As for my spelling of 'langue' it is French, and a throwback to a summer I spent there and the result of speaking no English till I returned; a sort of interlarding in writing became habit, such as 'more good' (plus bon) as opposed to the native adjective 'better'. But really its only a small habit.

The point of the post was that the complete series of Buntús Cainte is now out on CD. Another thread covered the issue of courses on CD and the transference to mp3 for the Zen or iPOD etc.

Since I seen it today, I bought it, and for less than I paid for the BC 1 with double tape last year. The lady at C na G had a go at me when I mentioned the price differntial between them and a store down the road. She lambasted me for not paying the price of €4.50 more. I asked who said so. The goverment she replied. Since the Irish government provides no services for its €45 Billion take in (yes small by American standards) I am not to keen to throw more down its black hole gullet. Anyway the tax was dis-ensentive either way -less buy it and and it ads nothing to the langue.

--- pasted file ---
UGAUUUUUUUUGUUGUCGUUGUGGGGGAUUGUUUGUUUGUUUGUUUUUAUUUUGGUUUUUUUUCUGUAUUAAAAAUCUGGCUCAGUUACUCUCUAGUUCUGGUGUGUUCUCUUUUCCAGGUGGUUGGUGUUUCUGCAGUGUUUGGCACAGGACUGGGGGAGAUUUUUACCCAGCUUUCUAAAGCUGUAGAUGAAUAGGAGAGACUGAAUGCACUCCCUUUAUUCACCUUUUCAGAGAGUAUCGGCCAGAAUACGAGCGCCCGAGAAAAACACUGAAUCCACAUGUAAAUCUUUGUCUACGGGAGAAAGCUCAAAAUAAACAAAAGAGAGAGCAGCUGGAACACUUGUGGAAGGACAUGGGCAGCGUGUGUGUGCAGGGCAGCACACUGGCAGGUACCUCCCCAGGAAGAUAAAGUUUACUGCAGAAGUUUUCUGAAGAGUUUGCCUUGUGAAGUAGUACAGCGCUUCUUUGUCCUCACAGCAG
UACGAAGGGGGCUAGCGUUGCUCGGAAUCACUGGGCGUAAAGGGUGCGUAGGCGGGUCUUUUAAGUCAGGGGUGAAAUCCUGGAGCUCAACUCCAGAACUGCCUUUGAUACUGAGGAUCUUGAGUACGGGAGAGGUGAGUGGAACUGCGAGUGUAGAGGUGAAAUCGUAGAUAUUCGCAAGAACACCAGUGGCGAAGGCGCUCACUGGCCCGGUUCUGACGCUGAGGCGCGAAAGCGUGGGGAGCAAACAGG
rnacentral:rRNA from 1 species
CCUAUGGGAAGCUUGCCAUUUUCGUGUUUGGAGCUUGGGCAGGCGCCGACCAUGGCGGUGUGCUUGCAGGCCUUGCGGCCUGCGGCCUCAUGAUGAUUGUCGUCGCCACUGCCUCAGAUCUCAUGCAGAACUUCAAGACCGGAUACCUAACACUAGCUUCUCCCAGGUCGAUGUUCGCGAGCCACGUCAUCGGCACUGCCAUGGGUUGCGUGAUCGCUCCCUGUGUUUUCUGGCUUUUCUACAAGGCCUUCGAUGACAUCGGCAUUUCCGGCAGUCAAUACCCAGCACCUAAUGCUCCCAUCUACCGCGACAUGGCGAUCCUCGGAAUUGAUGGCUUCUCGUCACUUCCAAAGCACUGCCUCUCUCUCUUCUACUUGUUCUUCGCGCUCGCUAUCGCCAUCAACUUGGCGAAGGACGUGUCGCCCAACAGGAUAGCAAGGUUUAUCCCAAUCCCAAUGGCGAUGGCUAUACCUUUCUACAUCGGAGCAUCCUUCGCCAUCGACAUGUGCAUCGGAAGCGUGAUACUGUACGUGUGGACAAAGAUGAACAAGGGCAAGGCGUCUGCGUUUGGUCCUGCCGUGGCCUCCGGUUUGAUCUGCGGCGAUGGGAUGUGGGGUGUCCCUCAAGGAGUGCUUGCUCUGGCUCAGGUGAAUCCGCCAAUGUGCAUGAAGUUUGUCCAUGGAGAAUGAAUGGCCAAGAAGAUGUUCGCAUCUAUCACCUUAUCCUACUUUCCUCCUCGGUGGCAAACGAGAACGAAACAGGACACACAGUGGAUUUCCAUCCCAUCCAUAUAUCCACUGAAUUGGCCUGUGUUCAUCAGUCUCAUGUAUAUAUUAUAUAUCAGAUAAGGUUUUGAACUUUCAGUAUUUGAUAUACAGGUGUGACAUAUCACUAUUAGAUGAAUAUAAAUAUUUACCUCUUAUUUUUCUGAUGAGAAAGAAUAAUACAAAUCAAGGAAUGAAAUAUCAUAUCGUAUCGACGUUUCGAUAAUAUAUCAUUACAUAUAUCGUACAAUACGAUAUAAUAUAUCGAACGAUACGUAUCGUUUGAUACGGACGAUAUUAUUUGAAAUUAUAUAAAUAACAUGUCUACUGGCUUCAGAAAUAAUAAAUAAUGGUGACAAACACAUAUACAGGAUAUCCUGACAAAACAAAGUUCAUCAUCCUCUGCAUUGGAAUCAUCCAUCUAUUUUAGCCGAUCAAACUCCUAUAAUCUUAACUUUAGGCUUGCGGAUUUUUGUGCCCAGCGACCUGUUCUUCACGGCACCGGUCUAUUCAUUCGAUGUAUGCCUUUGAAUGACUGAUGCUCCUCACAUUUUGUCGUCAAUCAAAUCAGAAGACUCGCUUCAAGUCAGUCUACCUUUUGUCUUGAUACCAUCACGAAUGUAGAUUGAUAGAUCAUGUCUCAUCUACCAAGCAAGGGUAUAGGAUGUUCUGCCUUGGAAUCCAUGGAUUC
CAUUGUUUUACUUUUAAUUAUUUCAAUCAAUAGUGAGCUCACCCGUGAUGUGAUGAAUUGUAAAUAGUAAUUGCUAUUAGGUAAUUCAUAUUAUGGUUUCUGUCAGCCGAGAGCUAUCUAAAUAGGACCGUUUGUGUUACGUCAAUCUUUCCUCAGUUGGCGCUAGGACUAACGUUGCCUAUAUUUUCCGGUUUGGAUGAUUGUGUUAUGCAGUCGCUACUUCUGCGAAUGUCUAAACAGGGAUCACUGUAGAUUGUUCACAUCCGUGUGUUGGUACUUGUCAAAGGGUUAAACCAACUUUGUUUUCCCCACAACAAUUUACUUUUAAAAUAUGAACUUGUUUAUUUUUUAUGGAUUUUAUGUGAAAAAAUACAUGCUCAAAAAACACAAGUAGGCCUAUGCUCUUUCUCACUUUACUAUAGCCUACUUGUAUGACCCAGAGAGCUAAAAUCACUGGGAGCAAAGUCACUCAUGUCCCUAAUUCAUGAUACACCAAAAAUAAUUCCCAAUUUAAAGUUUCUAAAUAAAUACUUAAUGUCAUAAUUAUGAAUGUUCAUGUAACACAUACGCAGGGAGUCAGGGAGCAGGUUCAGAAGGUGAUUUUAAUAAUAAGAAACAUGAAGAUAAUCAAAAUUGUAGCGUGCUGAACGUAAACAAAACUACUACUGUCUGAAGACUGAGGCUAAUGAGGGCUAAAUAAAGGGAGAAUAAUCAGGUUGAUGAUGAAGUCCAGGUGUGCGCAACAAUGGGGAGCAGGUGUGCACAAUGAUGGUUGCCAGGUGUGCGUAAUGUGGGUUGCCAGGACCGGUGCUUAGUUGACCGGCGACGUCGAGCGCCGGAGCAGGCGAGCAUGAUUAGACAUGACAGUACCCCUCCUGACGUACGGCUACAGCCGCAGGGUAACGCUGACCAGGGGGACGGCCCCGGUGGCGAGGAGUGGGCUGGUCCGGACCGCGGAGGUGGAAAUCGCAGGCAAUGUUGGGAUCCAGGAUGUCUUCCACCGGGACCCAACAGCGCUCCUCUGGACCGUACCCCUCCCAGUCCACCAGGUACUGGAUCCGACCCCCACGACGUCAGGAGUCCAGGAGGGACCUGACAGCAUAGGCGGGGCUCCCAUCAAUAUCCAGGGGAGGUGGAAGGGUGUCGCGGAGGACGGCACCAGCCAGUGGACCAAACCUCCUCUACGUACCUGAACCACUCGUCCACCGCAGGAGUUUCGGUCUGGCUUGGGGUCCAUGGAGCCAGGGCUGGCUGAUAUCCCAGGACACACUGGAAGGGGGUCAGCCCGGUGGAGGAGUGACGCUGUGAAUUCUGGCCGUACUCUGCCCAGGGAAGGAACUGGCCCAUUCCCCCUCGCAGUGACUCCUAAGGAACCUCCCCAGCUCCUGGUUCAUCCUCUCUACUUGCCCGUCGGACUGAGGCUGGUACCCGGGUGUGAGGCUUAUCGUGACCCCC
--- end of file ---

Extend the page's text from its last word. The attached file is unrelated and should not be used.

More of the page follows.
In retrospect it was a daft bastard of a post.

PS it is only a handle, and is kinds like d'@cs

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Dearg
Member
Username: Dearg

Post Number: 40
Registered: 10-2004


Posted on Thursday, February 24, 2005 - 12:54 am:   Edit Post Print Post

> Anyway the tax was dis-ensentive either way

disincentive? Sometimes in this forum it's hard to know what's a typo and what's just over my head. :-)

> iPOD

It's just iPod. (And for anyone who cares, Apple makes Macs, not MACs)

I feel better already. ;-)

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Aonghus
Member
Username: Aonghus

Post Number: 1003
Registered: 08-2004
Posted on Thursday, February 24, 2005 - 05:41 am:   Edit Post Print Post

Perhaps you're not privy to the common meaning of Jakes, Jakes?

http://dictionary.reference.com/search?q=jakes

Your concern for the purity of other people's Irish is a source of amusement, certainly, since you put the english language through the hoops.